Where’s the “beauty” beef?

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The public was asked to choose from these four actual buildings. (Beatus Est)

A couple of days ago, aware that I’ve been going around telling people that the public prefers traditional to modern architecture by huge margins, my dear mother-in-law, Agnes, asked me a good question: “Where’s the beef?”

There is a lot of evidence, and I am compiling it for her, but here’s one classicist’s reply to a modernist critic’s response to a survey that pointed out (what seems to me to be) the obvious. Commissioned in 2008 by ADAM Architects and the Traditional Architecture Group, in London, the survey showed four buildings – two traditional and two modernist – and found that of 1,042 members of the public asked which they’d rather have near their homes, three-quarters preferred the traditional buildings.

This brought on Jonathan Glancey’s critique of the survey in The Guardian and the reply to it from Erik Bootsma (whom I met on a trip to D.C. a while back) on his blog Beatus Est. His reply is entitled “When a Survey Shows Britons Prefer Classicism, Architects Attack!” (Unfortunately, neither Glancey’s piece nor the study itself are still available online.)

After describing the survey, Bootsma begins his response to Glancey :

Much to the surprise of the architectural establishment (but to neither Adam nor myself) the public preferred the traditional schemes by a three to one ratio. Predictably, though, the architectural press and heads of the prestigious architecture organizations in Great Britain used the survey as a launchpad for their invective against traditional architecture and ultimately on the public at large.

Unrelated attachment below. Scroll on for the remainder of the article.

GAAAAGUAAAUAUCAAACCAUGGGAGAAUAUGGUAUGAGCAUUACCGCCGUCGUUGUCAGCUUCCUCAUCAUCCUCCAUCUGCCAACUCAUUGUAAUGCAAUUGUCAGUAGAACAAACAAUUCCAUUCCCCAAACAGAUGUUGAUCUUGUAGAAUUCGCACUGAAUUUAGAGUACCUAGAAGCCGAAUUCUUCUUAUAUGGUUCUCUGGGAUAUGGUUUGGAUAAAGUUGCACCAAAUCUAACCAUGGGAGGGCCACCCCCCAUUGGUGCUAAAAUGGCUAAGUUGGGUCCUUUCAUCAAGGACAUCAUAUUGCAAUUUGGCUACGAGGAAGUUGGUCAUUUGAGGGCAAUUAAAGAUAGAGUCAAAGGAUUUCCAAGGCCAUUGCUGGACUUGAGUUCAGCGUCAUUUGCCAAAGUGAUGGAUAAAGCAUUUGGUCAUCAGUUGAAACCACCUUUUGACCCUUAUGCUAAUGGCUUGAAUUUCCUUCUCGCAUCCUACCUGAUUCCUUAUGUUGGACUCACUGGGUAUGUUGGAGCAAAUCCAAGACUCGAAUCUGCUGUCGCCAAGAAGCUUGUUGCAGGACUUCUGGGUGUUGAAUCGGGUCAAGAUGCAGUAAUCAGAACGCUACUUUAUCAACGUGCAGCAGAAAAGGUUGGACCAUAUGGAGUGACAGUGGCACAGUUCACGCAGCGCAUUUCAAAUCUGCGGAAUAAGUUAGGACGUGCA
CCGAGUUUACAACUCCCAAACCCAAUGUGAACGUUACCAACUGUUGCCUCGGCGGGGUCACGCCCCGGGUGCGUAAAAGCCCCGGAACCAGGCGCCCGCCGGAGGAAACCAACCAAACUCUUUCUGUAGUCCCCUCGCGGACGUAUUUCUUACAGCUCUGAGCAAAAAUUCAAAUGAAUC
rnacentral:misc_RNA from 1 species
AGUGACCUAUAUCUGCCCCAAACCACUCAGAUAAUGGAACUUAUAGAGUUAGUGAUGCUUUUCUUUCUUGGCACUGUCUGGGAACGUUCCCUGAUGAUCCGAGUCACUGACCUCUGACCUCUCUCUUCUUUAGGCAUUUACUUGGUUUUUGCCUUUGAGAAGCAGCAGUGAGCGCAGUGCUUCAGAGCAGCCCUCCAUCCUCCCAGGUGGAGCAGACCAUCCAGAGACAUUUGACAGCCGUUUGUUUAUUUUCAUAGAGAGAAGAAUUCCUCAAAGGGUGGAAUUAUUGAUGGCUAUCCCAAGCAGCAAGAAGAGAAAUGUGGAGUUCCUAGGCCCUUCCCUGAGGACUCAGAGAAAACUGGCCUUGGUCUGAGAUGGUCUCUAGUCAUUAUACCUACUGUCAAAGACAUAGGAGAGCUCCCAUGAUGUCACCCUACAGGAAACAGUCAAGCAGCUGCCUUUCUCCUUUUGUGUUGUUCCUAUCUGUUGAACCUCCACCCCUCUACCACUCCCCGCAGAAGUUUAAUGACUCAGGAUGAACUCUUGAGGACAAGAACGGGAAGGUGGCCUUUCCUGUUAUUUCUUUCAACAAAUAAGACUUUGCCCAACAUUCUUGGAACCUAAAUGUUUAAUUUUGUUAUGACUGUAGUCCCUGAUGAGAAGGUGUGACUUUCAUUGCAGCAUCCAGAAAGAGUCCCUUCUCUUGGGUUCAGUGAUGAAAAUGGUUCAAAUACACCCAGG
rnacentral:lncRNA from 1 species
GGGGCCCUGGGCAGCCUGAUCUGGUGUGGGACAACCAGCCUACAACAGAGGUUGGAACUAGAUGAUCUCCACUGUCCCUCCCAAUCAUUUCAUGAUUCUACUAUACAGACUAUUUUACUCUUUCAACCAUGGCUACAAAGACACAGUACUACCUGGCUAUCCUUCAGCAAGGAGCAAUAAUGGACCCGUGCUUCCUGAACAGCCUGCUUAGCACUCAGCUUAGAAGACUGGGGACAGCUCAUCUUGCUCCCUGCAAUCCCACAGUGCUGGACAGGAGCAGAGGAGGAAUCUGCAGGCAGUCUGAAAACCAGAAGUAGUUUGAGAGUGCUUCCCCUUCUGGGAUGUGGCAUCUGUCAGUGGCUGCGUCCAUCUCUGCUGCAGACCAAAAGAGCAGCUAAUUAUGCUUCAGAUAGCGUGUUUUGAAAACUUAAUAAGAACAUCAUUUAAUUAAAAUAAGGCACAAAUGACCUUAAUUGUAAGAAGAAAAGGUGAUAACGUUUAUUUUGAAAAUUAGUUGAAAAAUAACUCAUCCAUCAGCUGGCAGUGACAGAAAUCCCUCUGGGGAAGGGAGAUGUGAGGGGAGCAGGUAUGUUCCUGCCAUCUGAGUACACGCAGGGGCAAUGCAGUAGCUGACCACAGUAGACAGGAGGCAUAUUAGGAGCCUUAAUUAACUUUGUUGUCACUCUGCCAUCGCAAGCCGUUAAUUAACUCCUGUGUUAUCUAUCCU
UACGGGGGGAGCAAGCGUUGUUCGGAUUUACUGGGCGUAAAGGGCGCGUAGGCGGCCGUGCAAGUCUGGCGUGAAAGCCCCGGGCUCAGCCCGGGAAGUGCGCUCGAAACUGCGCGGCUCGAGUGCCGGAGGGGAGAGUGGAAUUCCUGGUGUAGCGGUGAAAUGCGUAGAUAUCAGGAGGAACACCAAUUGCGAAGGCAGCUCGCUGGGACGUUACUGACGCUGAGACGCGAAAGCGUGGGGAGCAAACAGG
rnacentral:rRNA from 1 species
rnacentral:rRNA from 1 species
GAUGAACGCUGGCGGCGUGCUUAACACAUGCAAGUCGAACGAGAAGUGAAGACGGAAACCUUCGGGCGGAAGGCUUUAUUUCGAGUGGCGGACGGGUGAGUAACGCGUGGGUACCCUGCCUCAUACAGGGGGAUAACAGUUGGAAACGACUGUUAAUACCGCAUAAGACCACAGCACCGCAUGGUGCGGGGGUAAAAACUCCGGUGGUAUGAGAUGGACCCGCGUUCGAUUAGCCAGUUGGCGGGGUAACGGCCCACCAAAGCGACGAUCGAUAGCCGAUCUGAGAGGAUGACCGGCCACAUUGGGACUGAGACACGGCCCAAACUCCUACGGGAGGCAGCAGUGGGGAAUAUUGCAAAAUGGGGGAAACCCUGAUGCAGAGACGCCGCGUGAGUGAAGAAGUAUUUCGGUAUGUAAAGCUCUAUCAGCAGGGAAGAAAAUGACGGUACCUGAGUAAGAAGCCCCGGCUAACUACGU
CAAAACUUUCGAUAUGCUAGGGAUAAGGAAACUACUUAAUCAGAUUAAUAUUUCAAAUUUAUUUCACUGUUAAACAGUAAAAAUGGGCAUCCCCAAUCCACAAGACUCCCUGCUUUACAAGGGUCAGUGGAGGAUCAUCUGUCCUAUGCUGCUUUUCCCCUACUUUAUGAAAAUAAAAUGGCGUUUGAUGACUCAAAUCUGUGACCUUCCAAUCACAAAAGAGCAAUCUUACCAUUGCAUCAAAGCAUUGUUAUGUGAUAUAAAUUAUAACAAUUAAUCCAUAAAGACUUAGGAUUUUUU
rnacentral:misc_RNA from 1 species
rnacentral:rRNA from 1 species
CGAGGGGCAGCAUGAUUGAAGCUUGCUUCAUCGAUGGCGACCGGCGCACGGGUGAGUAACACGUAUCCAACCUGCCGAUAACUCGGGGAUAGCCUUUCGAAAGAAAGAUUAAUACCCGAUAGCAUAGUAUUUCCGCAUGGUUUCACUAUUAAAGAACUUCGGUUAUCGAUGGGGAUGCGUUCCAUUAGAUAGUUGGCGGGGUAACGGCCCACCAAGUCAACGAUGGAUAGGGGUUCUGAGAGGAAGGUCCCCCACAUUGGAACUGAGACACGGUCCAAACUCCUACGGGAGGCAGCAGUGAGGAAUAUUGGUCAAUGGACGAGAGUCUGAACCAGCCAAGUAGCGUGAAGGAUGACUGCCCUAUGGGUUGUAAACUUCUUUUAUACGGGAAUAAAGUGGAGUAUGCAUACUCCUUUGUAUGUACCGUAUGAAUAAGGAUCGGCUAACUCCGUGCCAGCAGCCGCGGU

Bootsma goes on to tag Glancey’s unfair rhetorical thrusts and his clear disdain for the public. It’s a fine read. I wish I’d written it myself!

Back with more soon, Mom!


By the way, my next lecture – during which I will claim, yet again, that the public prefers traditional to modernist architecture by overwhelming margins – will be next Thursday, Oct. 12, at the Lippitt House, corner of Hope & Angell. Sponsored by Preserve Rhode Island, the event begins with a reception for the author at 6:30 p.m. and an illustrated lecture at 7 p.m. It is free for PRI members and $5 for the public. This will be my last scheduled public appearance until the Johnston Historical Society hosts me on Feb. 28, 2018.

About David Brussat

This blog was begun in 2009 as a feature of the Providence Journal, where I was on the editorial board and wrote a weekly column of architecture criticism for three decades. Architecture Here and There fights the style wars for classical architecture and against modern architecture, no holds barred. History Press asked me to write and in August 2017 published my first book, "Lost Providence." I am now writing my second book. My freelance writing on architecture and other topics addresses issues of design and culture locally and globally. I am a member of the board of the New England chapter of the Institute of Classical Architecture & Art, which bestowed an Arthur Ross Award on me in 2002. I work from Providence, R.I., where I live with my wife Victoria, my son Billy and our cat Gato. If you would like to employ my writing and editing to improve your work, please email me at my consultancy, dbrussat@gmail.com, or call 401.351.0457. Testimonial: "Your work is so wonderful - you now enter my mind and write what I would have written." - Nikos Salingaros, mathematician at the University of Texas, architectural theorist and author of many books.
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